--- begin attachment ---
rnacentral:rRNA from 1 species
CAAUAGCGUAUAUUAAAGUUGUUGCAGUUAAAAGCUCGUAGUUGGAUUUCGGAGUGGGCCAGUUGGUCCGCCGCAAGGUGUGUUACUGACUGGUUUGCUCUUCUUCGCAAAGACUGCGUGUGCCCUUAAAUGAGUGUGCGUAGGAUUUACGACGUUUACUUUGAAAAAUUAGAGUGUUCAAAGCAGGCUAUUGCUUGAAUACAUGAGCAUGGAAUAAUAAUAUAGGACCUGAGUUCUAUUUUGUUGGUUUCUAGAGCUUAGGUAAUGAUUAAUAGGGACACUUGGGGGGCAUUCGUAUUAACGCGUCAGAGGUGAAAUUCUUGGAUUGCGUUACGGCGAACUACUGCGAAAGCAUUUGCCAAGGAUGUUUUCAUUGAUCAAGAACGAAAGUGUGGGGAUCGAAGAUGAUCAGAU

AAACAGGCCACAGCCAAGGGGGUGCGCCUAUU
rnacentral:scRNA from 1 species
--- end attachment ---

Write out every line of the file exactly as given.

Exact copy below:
rnacentral:rRNA from 1 species
CAAUAGCGUAUAUUAAAGUUGUUGCAGUUAAAAGCUCGUAGUUGGAUUUCGGAGUGGGCCAGUUGGUCCGCCGCAAGGUGUGUUACUGACUGGUUUGCUCUUCUUCGCAAAGACUGCGUGUGCCCUUAAAUGAGUGUGCGUAGGAUUUACGACGUUUACUUUGAAAAAUUAGAGUGUUCAAAGCAGGCUAUUGCUUGAAUACAUGAGCAUGGAAUAAUAAUAUAGGACCUGAGUUCUAUUUUGUUGGUUUCUAGAGCUUAGGUAAUGAUUAAUAGGGACACUUGGGGGGCAUUCGUAUUAACGCGUCAGAGGUGAAAUUCUUGGAUUGCGUUACGGCGAACUACUGCGAAAGCAUUUGCCAAGGAUGUUUUCAUUGAUCAAGAACGAAAGUGUGGGGAUCGAAGAUGAUCAGAU

AAACAGGCCACAGCCAAGGGGGUGCGCCUAUU
rnacentral:scRNA from 1 species